Crate nccl[][src]

Expand description

A simple configuration language.

Nccl is an easy way to add minimal configuration to your crate without having to deal with complicated interfaces, obnoxious syntax, or outdated languages. Nccl makes it easy for a user to pick up your configuration. It’s as easy as five cents.

Nccl was motivated by the fact that other configuration languages are too complicated for both end-users and developers. Everyone loves types, but in a configuration language, there’s too much room for interpretation There are no types here.

This is a nice approach for smaller, non-semantic configurations; you shouldn’t be accidentally implementing a DSL with nccl, and if you are, it should feel painful.

For interacting with a parsed configuration, see config::Config.


The single most important feature:

let source = r#"
let config = nccl::parse_config(&source).unwrap();
assert_eq!(config["key"].value(), Some("value"));

Results in config["key"].value() == Some("value"). Note that there is no semantic difference between a key and a value, so config.value() == Some("key"). For most of this document and the library source code, the words key, value, and node are used almost interchangeably.

There are no types:

let source = r#"
is this a problem?
    no 🇳🇴
end of the world
let config = nccl::parse_config(&source).unwrap();
assert_eq!(config["is this a problem?"].value(), Some("no 🇳🇴"));

Interpret the data however you want.

Indentation is significant. Each top-level key-value pair must use the same type of indentation for each sub-value. You may mix indentation per-file.

let source = r#"
# tab

# single space
let config = nccl::parse_config(&source).unwrap();
assert_eq!(config["a"].value(), Some("1"));
assert_eq!(config["b"].value(), Some("2"));

Comments exist on their own line or after a quoted value, otherwise they become part of the value.

let source = r#"
hello # this is part of the key!
    # this is not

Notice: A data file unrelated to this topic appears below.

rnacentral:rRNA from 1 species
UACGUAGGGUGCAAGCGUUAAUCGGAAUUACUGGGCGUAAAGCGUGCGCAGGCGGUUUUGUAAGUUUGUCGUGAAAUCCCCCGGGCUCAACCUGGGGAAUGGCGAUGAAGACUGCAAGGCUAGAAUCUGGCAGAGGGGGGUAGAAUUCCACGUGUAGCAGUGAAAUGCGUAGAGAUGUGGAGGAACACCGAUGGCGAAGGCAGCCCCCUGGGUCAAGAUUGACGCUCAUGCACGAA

"y'all" # this isn't either
let config = nccl::parse_config(&source).unwrap();
assert!(config.has_value("hello # this is part of the key!"));
assert!(!config["hello # this is part of the key!"].has_value("# this is not"));
assert!(config["hello # this is part of the key!"].has_value("y'all"));

Duplicate keys have their values merged.

let source = r#"
oh christmas tree
    o tannenbaum

oh christmas tree
    o tannenbaum
    five golden rings
    wait wrong song
let config = nccl::parse_config(&source).unwrap();
    vec!["o tannenbaum", "five golden rings", "wait wrong song"],
    config["oh christmas tree"].values().collect::<Vec<_>>()

Results in one key “oh christmas tree” with three values. This property enables parse_config_with to merge two configurations together. Say if you wanted to enable an end user to be able to override some default values, first you would parse the user’s configuration, and then parse the default on top of that. config::Config::value always returns the first value, which would be the user’s value.

Values can have quotes if you want escape codes or multiple lines. Supported escape sequences are newlines, carriage returns, both quotes, and line breaks.

let source = r#"
# both single and double quotes work
i can
    # with parse_quoted(), expands to the rust string "show\nyou"
    # backslash followed by newline replaces all following whitespace
    # except newlines with one space character. expands to "the world"
    "the \

# results in a single value for jingle = jangle
let config = nccl::parse_config(&source).unwrap();
assert_eq!(1, config["jingle"].values().count());
    Ok(vec![String::from("show\nyou"), String::from("the world")]),
    config["i can"]
        .map(|value| value.parse_quoted())
        .collect::<Result<Vec<_>, _>>()


pub use config::Config;


Contains the configuration struct


Errors that may occur while parsing


Parse a nccl configuration

Parse a new nccl configuration on top of another